Flag of Syria Syria[38]
Flag of Thailand Thailand[38]
Flag of Turkey Turkey[42]
Flag of Turkmenistan Turkmenistan[38]
Flag of Uganda Uganda[38]
Flag of Ukraine Ukraine[38]
Flag of the United Kingdom United Kingdom[43]
United States[44]
Flag of Uzbekistan Uzbekistan[38]
Flag of Venezuela Venezuela[38]
Flag of Vietnam Vietnam[38]
Flag of Yemen Yemen[38]

Former operators[]

Flag of Czechoslovakia Czechoslovakia[45]
Flag of the Soviet Union Soviet Union[46]

Accidents and notable incidents[]

  • In December 2003, a Polish Air Force Mi-8 crashed with Prime Minister Leszek Miller on board; all survived.
  • In late July 2005, the South Sudanese leader John Garang died after the Ugandan presidential Mi-172 helicopter he was flying in crashed.[citation needed]
  • On 12 January 2008, a Mi-17 of the Macedonian Armed Forces crashed, killing all three crew members and eight passengers.
  • On 3 March 2008, an Iraqi Air Force Mi-17 (Mi-8AMT) crashed near Baiji while ferrying troops from Tal Afar to the capital Baghdad. All eight people on board perished in the accident.[47]
  • On 31 May 2008, a People's Liberation Army Mi-171 transport crashed in southwest Sichuan provinces with 14 on board. It was on a mission during 2008 Sichuan earthquake.[48]
  • On 14 February 2010, a Yemeni Air Force Mi-17 crashed in Northern Yemen, hitting an Army vehicle. All eleven people on board were killed, in addition to three others on the ground.[49]
  • On 28 July 2010, an Iraqi Air Force Mi-17 (Mi-8M) crashed in a sandstorm about 110 km south of Baghdad, killing all 5 occupants.[50]
  • On 19 November 2010, an Indian Air Force Mi-17 crashed near Tawang in Arunachal Pradesh, India killing all 12 people on board. It had taken off from Tawang for Guwahati, and crashed about five minutes later at Bomdir.[51]
  • On 19 April 2011, a Pawan Hans Mi-172 burst into flames seconds before landing at Tawang in Arunachal Pradesh, India, killing 17 people on board.[52]
  • On 18 May 2012, a Mi-17 crashed while in training in San Felipe, Venezuela, killing 4 people.[53]
  • On 11 July 2012, a Pakistan Army Mi-17 crashed near Skardu Airport in Gilgit-Baltistan, killing 5 people.[54]
  • On 30 August 2012, two Indian Air Force Mi-17s collided near Jamnagar in Western India, killing 9 people.[55]
  • On 11 February 2013, a Mi-17 belonging to Azerbaijani Air Force crashed into the Caspian Sea killing all 3 people on board.[56]
  • On 25 June 2013, A Mi-17 V5 helicopter of the Indian Air Force crashed while undertaking rescue operations in the flood-ravaged areas of the state of Uttarakhand in northern India. IAF chief NAK Browne ruled out possibility of any of the 20 men on board surviving. There were five staff from IAF, six from Indo-Tibetan Border Police (ITBP) and nine from National Disaster Response Force (NDRF).[57]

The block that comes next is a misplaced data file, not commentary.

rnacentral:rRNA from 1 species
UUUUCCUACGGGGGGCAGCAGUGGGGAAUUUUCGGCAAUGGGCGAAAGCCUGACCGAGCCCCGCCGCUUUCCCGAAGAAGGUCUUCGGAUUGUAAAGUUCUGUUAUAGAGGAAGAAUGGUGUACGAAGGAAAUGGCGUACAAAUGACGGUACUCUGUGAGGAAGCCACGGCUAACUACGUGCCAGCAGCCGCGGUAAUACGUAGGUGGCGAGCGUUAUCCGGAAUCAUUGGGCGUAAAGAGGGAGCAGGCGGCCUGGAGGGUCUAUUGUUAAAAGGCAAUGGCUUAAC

• On 16 September 2013, a Turkish Air Force F-16 shot down a Syrian Mil-17 helicopter at the border after the helicopter violated Turkish airspace. Two crewmembers reportedly bailed out before the aircraft crashed in Syrian territory.[58]
  • On 9 November 2013, an Indonesian army helicopter crash killed at least 13 people after the Mi-17 aircraft caught on fire in the jungles of Borneo.

Specifications (Mil-17-1V)[]

Data from Jane's All The World's Aircraft 2003–2004[59]

General characteristics

  • Crew: Three – two pilots and one engineer
  • Capacity: 30 troops or 12 stretchers or 4,000 kg (8,820 lb) cargo internally /5,000 kg (11,023 lb) externally slung.
  • Length: 18.465 m (60 ft 7 in)
  • Rotor diameter: 21.25 m (69 ft 10½ in)
  • Height: 4.76 m (15 ft 7¼ in)
  • Disc area: 356 m² (3,834 ft²)
  • Empty weight: 7,489 kg (16,510 lb)
  • Loaded weight: 11,100 kg (24,470 lb)
  • Max. takeoff weight: 13,000 kg (28,660 lb)
  • Powerplant: 2 × Klimov TV3-117VM turboshafts, 1,633 kW (2,190 shp) each


  • Maximum speed: 250 km/h (135 knots, 155 mph)
  • Range: 465 km (251 nmi, 289 mi)(standard fuel)
  • Service ceiling: 6,000 m (19,690 ft)
  • Rate of climb: 8 m/s[citation needed] (1,575 ft/min)


  • up to 1,500 kg (3,300 lb) of disposable stores on six hardpoints, including bombs, rockets, and gunpods.
  • See also[]


    1. RIA Novosti – Russia – Russia denies supplying arms to Iraq −1
    2. Mi-17 Hip Multirole Helicopter. Retrieved on May 25, 2008.
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    4. Republic of Égyptien Q42 user:mgbtrust0 ®™✓©§∆∆∆€¢£. "Inicio". Retrieved 2013-10-04. 
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    6. Bangkok Post Army to buy Russian choppers
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    59. Jackson 2003, pp. 390–392.

    The initial version of this article was based on material from It has been released under the GFDL by the copyright holder.

    • Eden, Paul, ed. The Encyclopedia of Modern Military Aircraft. London, UK: Amber Books, 2004. ISBN 1-904687-84-9CITEREFEden2004. 
    • Hoyle, Craig (13–19 December 2011). "World Air Forces Directory". pp. pp. 26–52. ISSN 0015-3710. 
    • Jackson, Paul (2003). Jane's All the World's Aircraft 2003–2004. Coulsdon, UK: Jane's Information Group. ISBN 0-7106-2537-5. 

    External links[]

    All or a portion of this article consists of text from Wikipedia, and is therefore Creative Commons Licensed under GFDL.
    The original article can be found at Mil Mi-17 and the edit history here.